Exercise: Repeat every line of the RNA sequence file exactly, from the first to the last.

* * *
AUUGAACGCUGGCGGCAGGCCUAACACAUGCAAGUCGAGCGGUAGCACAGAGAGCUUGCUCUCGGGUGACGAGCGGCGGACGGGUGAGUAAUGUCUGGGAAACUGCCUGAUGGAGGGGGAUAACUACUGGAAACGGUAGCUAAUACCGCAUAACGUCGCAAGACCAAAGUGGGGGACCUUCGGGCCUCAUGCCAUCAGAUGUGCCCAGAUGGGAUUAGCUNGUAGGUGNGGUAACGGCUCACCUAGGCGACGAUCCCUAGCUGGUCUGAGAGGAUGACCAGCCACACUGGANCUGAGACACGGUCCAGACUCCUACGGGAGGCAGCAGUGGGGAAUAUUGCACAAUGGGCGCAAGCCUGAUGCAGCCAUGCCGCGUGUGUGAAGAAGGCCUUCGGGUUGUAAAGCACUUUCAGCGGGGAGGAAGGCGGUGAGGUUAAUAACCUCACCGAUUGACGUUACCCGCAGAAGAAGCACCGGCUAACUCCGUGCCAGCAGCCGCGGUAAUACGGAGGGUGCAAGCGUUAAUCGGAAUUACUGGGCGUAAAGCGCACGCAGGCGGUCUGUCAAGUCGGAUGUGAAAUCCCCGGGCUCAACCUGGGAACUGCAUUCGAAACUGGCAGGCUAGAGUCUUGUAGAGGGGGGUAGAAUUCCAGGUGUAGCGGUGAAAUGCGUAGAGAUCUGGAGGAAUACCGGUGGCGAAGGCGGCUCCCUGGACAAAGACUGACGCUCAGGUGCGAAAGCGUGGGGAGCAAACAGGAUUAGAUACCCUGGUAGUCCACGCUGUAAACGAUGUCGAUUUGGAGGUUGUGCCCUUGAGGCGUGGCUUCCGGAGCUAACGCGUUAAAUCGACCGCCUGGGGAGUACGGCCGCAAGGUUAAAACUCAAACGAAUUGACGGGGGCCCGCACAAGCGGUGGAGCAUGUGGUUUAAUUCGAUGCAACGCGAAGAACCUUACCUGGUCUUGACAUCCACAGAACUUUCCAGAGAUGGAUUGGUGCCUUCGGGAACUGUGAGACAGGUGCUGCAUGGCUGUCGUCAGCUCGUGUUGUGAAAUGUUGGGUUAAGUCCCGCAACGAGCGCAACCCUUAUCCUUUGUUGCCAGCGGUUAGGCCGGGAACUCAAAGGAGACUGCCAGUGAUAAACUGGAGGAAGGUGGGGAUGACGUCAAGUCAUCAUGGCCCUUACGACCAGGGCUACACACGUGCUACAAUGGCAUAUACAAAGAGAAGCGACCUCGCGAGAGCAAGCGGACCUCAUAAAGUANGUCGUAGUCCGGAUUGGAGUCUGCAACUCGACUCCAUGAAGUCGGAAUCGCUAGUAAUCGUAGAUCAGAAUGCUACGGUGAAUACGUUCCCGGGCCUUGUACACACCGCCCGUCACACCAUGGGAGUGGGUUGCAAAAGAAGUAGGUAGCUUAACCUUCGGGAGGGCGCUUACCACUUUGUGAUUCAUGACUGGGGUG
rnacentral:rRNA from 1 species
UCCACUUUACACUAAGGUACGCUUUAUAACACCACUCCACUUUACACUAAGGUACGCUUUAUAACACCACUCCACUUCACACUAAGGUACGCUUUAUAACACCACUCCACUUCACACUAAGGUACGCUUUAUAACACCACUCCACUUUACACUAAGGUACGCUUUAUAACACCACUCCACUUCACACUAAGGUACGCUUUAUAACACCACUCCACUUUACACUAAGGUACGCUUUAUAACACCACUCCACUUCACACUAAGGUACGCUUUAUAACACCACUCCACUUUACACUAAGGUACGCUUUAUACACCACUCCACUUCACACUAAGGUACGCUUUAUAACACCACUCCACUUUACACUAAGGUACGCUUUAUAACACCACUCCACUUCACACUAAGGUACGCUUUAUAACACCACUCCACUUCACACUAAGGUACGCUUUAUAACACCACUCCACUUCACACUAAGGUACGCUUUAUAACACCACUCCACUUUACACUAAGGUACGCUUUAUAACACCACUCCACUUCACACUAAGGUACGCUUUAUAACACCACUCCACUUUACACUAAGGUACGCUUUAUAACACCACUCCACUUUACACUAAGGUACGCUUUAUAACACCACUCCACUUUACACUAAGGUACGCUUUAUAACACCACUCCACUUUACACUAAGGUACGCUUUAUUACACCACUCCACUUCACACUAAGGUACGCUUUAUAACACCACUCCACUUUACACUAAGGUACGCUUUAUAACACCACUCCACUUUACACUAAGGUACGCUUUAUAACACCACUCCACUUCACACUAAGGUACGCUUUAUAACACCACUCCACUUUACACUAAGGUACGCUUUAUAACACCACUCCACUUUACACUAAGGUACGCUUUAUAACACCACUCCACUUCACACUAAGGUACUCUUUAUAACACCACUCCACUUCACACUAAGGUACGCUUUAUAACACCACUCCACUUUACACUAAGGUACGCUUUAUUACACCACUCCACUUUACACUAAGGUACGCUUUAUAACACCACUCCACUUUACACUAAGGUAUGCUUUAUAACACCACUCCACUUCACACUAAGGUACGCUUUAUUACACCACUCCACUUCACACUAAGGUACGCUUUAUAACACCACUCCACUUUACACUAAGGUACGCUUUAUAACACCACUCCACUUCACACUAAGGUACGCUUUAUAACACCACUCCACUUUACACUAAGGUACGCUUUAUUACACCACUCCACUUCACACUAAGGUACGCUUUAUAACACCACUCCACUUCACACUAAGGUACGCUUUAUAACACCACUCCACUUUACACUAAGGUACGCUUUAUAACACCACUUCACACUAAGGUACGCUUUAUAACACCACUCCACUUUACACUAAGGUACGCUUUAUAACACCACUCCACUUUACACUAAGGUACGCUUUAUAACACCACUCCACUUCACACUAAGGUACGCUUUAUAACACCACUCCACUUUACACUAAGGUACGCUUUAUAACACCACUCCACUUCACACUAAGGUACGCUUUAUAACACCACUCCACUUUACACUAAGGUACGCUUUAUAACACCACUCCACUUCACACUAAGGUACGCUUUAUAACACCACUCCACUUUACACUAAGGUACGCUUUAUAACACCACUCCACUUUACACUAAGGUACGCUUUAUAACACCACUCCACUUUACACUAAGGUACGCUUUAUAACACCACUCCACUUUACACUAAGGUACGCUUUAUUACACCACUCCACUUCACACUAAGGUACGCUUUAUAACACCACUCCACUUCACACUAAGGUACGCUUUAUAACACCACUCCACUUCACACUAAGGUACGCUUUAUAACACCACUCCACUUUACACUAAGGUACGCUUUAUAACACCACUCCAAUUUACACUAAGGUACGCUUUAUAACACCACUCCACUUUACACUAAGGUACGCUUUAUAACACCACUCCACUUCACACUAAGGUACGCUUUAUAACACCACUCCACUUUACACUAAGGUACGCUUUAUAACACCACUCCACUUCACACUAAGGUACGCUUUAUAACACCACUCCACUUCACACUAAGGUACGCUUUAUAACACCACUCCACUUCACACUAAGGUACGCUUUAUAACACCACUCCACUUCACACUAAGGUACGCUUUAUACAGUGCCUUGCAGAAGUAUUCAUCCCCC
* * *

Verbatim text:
AUUGAACGCUGGCGGCAGGCCUAACACAUGCAAGUCGAGCGGUAGCACAGAGAGCUUGCUCUCGGGUGACGAGCGGCGGACGGGUGAGUAAUGUCUGGGAAACUGCCUGAUGGAGGGGGAUAACUACUGGAAACGGUAGCUAAUACCGCAUAACGUCGCAAGACCAAAGUGGGGGACCUUCGGGCCUCAUGCCAUCAGAUGUGCCCAGAUGGGAUUAGCUNGUAGGUGNGGUAACGGCUCACCUAGGCGACGAUCCCUAGCUGGUCUGAGAGGAUGACCAGCCACACUGGANCUGAGACACGGUCCAGACUCCUACGGGAGGCAGCAGUGGGGAAUAUUGCACAAUGGGCGCAAGCCUGAUGCAGCCAUGCCGCGUGUGUGAAGAAGGCCUUCGGGUUGUAAAGCACUUUCAGCGGGGAGGAAGGCGGUGAGGUUAAUAACCUCACCGAUUGACGUUACCCGCAGAAGAAGCACCGGCUAACUCCGUGCCAGCAGCCGCGGUAAUACGGAGGGUGCAAGCGUUAAUCGGAAUUACUGGGCGUAAAGCGCACGCAGGCGGUCUGUCAAGUCGGAUGUGAAAUCCCCGGGCUCAACCUGGGAACUGCAUUCGAAACUGGCAGGCUAGAGUCUUGUAGAGGGGGGUAGAAUUCCAGGUGUAGCGGUGAAAUGCGUAGAGAUCUGGAGGAAUACCGGUGGCGAAGGCGGCUCCCUGGACAAAGACUGACGCUCAGGUGCGAAAGCGUGGGGAGCAAACAGGAUUAGAUACCCUGGUAGUCCACGCUGUAAACGAUGUCGAUUUGGAGGUUGUGCCCUUGAGGCGUGGCUUCCGGAGCUAACGCGUUAAAUCGACCGCCUGGGGAGUACGGCCGCAAGGUUAAAACUCAAACGAAUUGACGGGGGCCCGCACAAGCGGUGGAGCAUGUGGUUUAAUUCGAUGCAACGCGAAGAACCUUACCUGGUCUUGACAUCCACAGAACUUUCCAGAGAUGGAUUGGUGCCUUCGGGAACUGUGAGACAGGUGCUGCAUGGCUGUCGUCAGCUCGUGUUGUGAAAUGUUGGGUUAAGUCCCGCAACGAGCGCAACCCUUAUCCUUUGUUGCCAGCGGUUAGGCCGGGAACUCAAAGGAGACUGCCAGUGAUAAACUGGAGGAAGGUGGGGAUGACGUCAAGUCAUCAUGGCCCUUACGACCAGGGCUACACACGUGCUACAAUGGCAUAUACAAAGAGAAGCGACCUCGCGAGAGCAAGCGGACCUCAUAAAGUANGUCGUAGUCCGGAUUGGAGUCUGCAACUCGACUCCAUGAAGUCGGAAUCGCUAGUAAUCGUAGAUCAGAAUGCUACGGUGAAUACGUUCCCGGGCCUUGUACACACCGCCCGUCACACCAUGGGAGUGGGUUGCAAAAGAAGUAGGUAGCUUAACCUUCGGGAGGGCGCUUACCACUUUGUGAUUCAUGACUGGGGUG
rnacentral:rRNA from 1 species
UCCACUUUACACUAAGGUACGCUUUAUAACACCACUCCACUUUACACUAAGGUACGCUUUAUAACACCACUCCACUUCACACUAAGGUACGCUUUAUAACACCACUCCACUUCACACUAAGGUACGCUUUAUAACACCACUCCACUUUACACUAAGGUACGCUUUAUAACACCACUCCACUUCACACUAAGGUACGCUUUAUAACACCACUCCACUUUACACUAAGGUACGCUUUAUAACACCACUCCACUUCACACUAAGGUACGCUUUAUAACACCACUCCACUUUACACUAAGGUACGCUUUAUACACCACUCCACUUCACACUAAGGUACGCUUUAUAACACCACUCCACUUUACACUAAGGUACGCUUUAUAACACCACUCCACUUCACACUAAGGUACGCUUUAUAACACCACUCCACUUCACACUAAGGUACGCUUUAUAACACCACUCCACUUCACACUAAGGUACGCUUUAUAACACCACUCCACUUUACACUAAGGUACGCUUUAUAACACCACUCCACUUCACACUAAGGUACGCUUUAUAACACCACUCCACUUUACACUAAGGUACGCUUUAUAACACCACUCCACUUUACACUAAGGUACGCUUUAUAACACCACUCCACUUUACACUAAGGUACGCUUUAUAACACCACUCCACUUUACACUAAGGUACGCUUUAUUACACCACUCCACUUCACACUAAGGUACGCUUUAUAACACCACUCCACUUUACACUAAGGUACGCUUUAUAACACCACUCCACUUUACACUAAGGUACGCUUUAUAACACCACUCCACUUCACACUAAGGUACGCUUUAUAACACCACUCCACUUUACACUAAGGUACGCUUUAUAACACCACUCCACUUUACACUAAGGUACGCUUUAUAACACCACUCCACUUCACACUAAGGUACUCUUUAUAACACCACUCCACUUCACACUAAGGUACGCUUUAUAACACCACUCCACUUUACACUAAGGUACGCUUUAUUACACCACUCCACUUUACACUAAGGUACGCUUUAUAACACCACUCCACUUUACACUAAGGUAUGCUUUAUAACACCACUCCACUUCACACUAAGGUACGCUUUAUUACACCACUCCACUUCACACUAAGGUACGCUUUAUAACACCACUCCACUUUACACUAAGGUACGCUUUAUAACACCACUCCACUUCACACUAAGGUACGCUUUAUAACACCACUCCACUUUACACUAAGGUACGCUUUAUUACACCACUCCACUUCACACUAAGGUACGCUUUAUAACACCACUCCACUUCACACUAAGGUACGCUUUAUAACACCACUCCACUUUACACUAAGGUACGCUUUAUAACACCACUUCACACUAAGGUACGCUUUAUAACACCACUCCACUUUACACUAAGGUACGCUUUAUAACACCACUCCACUUUACACUAAGGUACGCUUUAUAACACCACUCCACUUCACACUAAGGUACGCUUUAUAACACCACUCCACUUUACACUAAGGUACGCUUUAUAACACCACUCCACUUCACACUAAGGUACGCUUUAUAACACCACUCCACUUUACACUAAGGUACGCUUUAUAACACCACUCCACUUCACACUAAGGUACGCUUUAUAACACCACUCCACUUUACACUAAGGUACGCUUUAUAACACCACUCCACUUUACACUAAGGUACGCUUUAUAACACCACUCCACUUUACACUAAGGUACGCUUUAUAACACCACUCCACUUUACACUAAGGUACGCUUUAUUACACCACUCCACUUCACACUAAGGUACGCUUUAUAACACCACUCCACUUCACACUAAGGUACGCUUUAUAACACCACUCCACUUCACACUAAGGUACGCUUUAUAACACCACUCCACUUUACACUAAGGUACGCUUUAUAACACCACUCCAAUUUACACUAAGGUACGCUUUAUAACACCACUCCACUUUACACUAAGGUACGCUUUAUAACACCACUCCACUUCACACUAAGGUACGCUUUAUAACACCACUCCACUUUACACUAAGGUACGCUUUAUAACACCACUCCACUUCACACUAAGGUACGCUUUAUAACACCACUCCACUUCACACUAAGGUACGCUUUAUAACACCACUCCACUUCACACUAAGGUACGCUUUAUAACACCACUCCACUUCACACUAAGGUACGCUUUAUACAGUGCCUUGCAGAAGUAUUCAUCCCCC